Szechuan Tasty House
Philadelphia's Chinatown has much to recommend it, but until recently it was hard to find real Szechaun food. Finally, we have the Szechuan Tasty House, and while the menu is over-cautious, loaded with lots of the same-old dishes you could find anywhere, with some careful ordering, one can find some exciting alternatives to the Chinatown routine lurking among the clichés.
Compared to some similar dishes I've had up in New York, the spicing is a bit timid here, but the flavors are still interesting, and most importantly, different.
To start, the Dumplings in a Spicy Sauce are hard to beat. They're also hard to eat, so be prepared to chase them around the table a little. But the tender pork-filled dumplings, soaking in a hot red oil are worth the trouble.
The Vegetarian Duck with Bejing Pancakes is a credible simulation of a Peking Duck roll, with a crunchy fried vegetarian patty evoking the crispy skin, a dab of hoisin and shredded scallions completing the picture. It's not much of a substitute for the real thing, but pretty tasty on its own.
Fu Qi Fei Pan is made up of thin slices of kidney and tripe, served cold with a spicy sauce. I'm not a huge fan of those organ meats, and yet, I like this dish, it tastes very light and is texturally interesting, the tripe pleasantly chewy, not rubbery.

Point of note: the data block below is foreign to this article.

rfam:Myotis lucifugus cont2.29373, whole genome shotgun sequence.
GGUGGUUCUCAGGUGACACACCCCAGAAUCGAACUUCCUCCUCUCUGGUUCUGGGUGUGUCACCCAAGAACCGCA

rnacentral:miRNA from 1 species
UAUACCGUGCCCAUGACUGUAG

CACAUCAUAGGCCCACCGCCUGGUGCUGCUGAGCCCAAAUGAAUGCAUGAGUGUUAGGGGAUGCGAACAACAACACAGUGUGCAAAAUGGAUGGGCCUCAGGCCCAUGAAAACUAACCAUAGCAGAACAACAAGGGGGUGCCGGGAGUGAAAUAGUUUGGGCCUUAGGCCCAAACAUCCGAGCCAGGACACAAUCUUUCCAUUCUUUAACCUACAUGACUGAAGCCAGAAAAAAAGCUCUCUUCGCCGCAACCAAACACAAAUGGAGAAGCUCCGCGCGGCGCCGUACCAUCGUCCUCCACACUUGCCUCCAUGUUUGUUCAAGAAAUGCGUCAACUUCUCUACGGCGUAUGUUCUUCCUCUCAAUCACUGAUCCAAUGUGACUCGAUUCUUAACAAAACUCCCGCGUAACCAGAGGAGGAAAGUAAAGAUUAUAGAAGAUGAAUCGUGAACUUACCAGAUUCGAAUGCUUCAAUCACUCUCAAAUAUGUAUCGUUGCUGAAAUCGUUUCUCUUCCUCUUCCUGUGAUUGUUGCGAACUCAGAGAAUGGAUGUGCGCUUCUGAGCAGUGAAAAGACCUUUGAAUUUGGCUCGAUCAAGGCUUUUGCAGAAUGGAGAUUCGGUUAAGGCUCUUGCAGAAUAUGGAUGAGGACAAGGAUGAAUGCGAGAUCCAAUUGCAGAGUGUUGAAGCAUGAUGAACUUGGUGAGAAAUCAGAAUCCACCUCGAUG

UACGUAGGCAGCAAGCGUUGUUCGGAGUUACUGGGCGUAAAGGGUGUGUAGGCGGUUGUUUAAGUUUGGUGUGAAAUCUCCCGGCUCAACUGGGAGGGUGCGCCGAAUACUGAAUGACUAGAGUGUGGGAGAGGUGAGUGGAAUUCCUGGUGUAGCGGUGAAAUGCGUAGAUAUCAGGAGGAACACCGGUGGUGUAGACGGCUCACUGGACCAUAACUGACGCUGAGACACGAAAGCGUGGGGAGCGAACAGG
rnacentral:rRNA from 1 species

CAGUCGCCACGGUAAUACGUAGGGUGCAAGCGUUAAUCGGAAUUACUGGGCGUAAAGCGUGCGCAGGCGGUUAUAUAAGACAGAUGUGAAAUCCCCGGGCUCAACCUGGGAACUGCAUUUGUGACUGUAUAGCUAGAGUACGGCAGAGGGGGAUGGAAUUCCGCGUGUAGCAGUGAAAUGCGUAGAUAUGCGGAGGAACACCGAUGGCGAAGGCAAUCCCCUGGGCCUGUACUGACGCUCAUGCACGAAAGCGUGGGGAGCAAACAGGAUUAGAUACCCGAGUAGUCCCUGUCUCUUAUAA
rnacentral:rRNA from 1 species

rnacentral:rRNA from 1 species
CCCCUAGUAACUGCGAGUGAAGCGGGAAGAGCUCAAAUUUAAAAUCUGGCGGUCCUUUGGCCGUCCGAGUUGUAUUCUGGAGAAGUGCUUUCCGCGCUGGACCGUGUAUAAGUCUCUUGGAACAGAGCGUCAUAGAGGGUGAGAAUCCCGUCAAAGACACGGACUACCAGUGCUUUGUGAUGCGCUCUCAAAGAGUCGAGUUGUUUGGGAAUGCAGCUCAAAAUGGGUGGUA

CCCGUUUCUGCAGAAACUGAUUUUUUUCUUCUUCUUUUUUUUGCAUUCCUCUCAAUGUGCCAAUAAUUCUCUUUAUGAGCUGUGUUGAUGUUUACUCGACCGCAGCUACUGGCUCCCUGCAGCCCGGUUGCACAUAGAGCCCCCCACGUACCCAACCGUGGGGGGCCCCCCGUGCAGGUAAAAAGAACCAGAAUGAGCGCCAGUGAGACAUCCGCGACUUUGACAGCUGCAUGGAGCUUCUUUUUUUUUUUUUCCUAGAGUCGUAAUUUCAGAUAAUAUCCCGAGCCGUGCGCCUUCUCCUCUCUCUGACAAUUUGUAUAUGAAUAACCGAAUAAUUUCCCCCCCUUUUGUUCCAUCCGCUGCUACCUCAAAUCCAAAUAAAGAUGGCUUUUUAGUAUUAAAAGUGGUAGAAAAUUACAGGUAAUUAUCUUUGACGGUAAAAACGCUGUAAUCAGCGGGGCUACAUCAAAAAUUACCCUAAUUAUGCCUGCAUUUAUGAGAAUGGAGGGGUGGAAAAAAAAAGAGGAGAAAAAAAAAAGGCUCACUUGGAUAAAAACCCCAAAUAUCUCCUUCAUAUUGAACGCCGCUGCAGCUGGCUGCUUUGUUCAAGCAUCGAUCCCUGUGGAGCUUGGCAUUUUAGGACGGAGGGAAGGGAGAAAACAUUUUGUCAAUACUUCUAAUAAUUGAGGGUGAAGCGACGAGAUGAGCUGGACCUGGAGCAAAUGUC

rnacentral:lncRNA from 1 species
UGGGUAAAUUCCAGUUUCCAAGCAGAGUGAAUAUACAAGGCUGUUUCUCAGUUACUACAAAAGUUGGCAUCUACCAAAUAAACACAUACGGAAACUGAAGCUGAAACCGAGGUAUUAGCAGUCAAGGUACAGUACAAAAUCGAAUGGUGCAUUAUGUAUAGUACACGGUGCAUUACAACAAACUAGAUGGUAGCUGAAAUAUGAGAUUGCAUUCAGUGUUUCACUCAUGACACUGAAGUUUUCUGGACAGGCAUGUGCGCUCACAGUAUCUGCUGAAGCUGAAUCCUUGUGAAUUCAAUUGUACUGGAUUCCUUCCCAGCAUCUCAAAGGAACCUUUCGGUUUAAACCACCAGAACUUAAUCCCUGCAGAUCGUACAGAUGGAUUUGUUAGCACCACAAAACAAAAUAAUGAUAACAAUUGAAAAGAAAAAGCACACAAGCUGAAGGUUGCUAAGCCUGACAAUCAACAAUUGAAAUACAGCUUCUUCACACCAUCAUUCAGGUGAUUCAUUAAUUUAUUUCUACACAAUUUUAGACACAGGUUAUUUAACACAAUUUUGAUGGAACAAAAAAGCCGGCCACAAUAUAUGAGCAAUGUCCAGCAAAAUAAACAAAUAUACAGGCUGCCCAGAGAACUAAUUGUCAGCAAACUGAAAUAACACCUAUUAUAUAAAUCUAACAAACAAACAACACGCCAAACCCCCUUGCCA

Ban Ban Chicken is made with slices of cold chicken breast, bathed in a sesame sauce and topped with scallions. This is quite good, but even better is the Sliced Chicken in Spicy Sauce, which features the same tender slices of cold chicken, but drenched with a vibrantly red, peppery dressing.
The Chang-Du Cold Noodles have the same sauce as the Ban Ban Chicken, making them a good version of sesame noodles. A little more unusual are the Dang Dang Noodles, which are served hot, with ground pork and a peppery oil. These are a challenge to even skilled noodle-wranglers, but rewarding if you can manage to get some in your mouth.
We didn't love the Pepper with Black Bean Sauce, simple stir-fried fresh chiles with a thin, very salty sauce.
Ginger Shredded Duck is a generous portion of julienned duck meat, snowpeas, red bell pepper and fresh ginger. There's not much of a sauce to speak of, but the assertive ginger gives the lean duck plenty of excitement.
There are a few more promising things hiding among the more conventional General Tso's whatever, and some ingredient with broccoli, etc. And I suppose I shouldn't complain too much, some people might be more comfortable with those more common dishes. I'm just more interested in something different from all the other places within a few blocks.
I wish they offered a few more specifically Szechuan dishes, and that the spiciness was turned up a bit (some of these dishes are positively tame, whereas versions I've had elsewhere, such as at Grand Sichuan International in NY, were volcanically hot.) Nonetheless, this is a refreshing alternative to the same-old stuff in Chinatown, and a welcome addition to the Philly dining scene.